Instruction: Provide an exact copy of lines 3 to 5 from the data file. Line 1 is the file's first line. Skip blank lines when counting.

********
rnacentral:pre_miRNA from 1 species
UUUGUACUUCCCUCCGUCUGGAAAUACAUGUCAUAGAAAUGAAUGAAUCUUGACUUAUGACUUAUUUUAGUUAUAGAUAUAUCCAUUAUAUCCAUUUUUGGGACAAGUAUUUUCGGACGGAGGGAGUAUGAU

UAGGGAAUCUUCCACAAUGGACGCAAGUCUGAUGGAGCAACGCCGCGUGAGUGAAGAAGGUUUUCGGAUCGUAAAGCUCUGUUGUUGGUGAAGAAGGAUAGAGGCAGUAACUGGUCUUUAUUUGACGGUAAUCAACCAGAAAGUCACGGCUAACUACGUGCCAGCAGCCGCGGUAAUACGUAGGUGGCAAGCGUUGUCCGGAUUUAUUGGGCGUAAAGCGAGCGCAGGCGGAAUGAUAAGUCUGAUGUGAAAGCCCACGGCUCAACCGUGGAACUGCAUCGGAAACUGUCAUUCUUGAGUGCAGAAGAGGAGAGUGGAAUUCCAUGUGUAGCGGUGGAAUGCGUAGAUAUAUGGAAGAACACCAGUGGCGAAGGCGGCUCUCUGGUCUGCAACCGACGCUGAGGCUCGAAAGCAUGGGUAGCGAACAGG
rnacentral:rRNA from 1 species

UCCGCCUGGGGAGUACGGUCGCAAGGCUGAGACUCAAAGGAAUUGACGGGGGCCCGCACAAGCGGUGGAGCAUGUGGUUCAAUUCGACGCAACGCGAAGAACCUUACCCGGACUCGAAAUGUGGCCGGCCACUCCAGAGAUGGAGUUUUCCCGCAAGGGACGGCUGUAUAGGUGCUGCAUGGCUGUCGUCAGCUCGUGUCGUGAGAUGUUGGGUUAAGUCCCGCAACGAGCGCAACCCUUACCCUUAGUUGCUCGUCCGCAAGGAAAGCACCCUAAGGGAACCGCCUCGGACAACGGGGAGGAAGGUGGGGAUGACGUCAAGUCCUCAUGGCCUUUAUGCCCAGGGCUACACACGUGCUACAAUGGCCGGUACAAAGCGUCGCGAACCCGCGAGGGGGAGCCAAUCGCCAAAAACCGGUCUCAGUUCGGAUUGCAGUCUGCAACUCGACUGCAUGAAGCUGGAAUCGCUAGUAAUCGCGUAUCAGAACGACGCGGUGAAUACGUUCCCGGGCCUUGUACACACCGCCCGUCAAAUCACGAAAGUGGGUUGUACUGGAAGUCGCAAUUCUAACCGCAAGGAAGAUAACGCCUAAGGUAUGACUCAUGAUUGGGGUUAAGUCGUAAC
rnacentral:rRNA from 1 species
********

UAGGGAAUCUUCCACAAUGGACGCAAGUCUGAUGGAGCAACGCCGCGUGAGUGAAGAAGGUUUUCGGAUCGUAAAGCUCUGUUGUUGGUGAAGAAGGAUAGAGGCAGUAACUGGUCUUUAUUUGACGGUAAUCAACCAGAAAGUCACGGCUAACUACGUGCCAGCAGCCGCGGUAAUACGUAGGUGGCAAGCGUUGUCCGGAUUUAUUGGGCGUAAAGCGAGCGCAGGCGGAAUGAUAAGUCUGAUGUGAAAGCCCACGGCUCAACCGUGGAACUGCAUCGGAAACUGUCAUUCUUGAGUGCAGAAGAGGAGAGUGGAAUUCCAUGUGUAGCGGUGGAAUGCGUAGAUAUAUGGAAGAACACCAGUGGCGAAGGCGGCUCUCUGGUCUGCAACCGACGCUGAGGCUCGAAAGCAUGGGUAGCGAACAGG
rnacentral:rRNA from 1 species

UCCGCCUGGGGAGUACGGUCGCAAGGCUGAGACUCAAAGGAAUUGACGGGGGCCCGCACAAGCGGUGGAGCAUGUGGUUCAAUUCGACGCAACGCGAAGAACCUUACCCGGACUCGAAAUGUGGCCGGCCACUCCAGAGAUGGAGUUUUCCCGCAAGGGACGGCUGUAUAGGUGCUGCAUGGCUGUCGUCAGCUCGUGUCGUGAGAUGUUGGGUUAAGUCCCGCAACGAGCGCAACCCUUACCCUUAGUUGCUCGUCCGCAAGGAAAGCACCCUAAGGGAACCGCCUCGGACAACGGGGAGGAAGGUGGGGAUGACGUCAAGUCCUCAUGGCCUUUAUGCCCAGGGCUACACACGUGCUACAAUGGCCGGUACAAAGCGUCGCGAACCCGCGAGGGGGAGCCAAUCGCCAAAAACCGGUCUCAGUUCGGAUUGCAGUCUGCAACUCGACUGCAUGAAGCUGGAAUCGCUAGUAAUCGCGUAUCAGAACGACGCGGUGAAUACGUUCCCGGGCCUUGUACACACCGCCCGUCAAAUCACGAAAGUGGGUUGUACUGGAAGUCGCAAUUCUAACCGCAAGGAAGAUAACGCCUAAGGUAUGACUCAUGAUUGGGGUUAAGUCGUAAC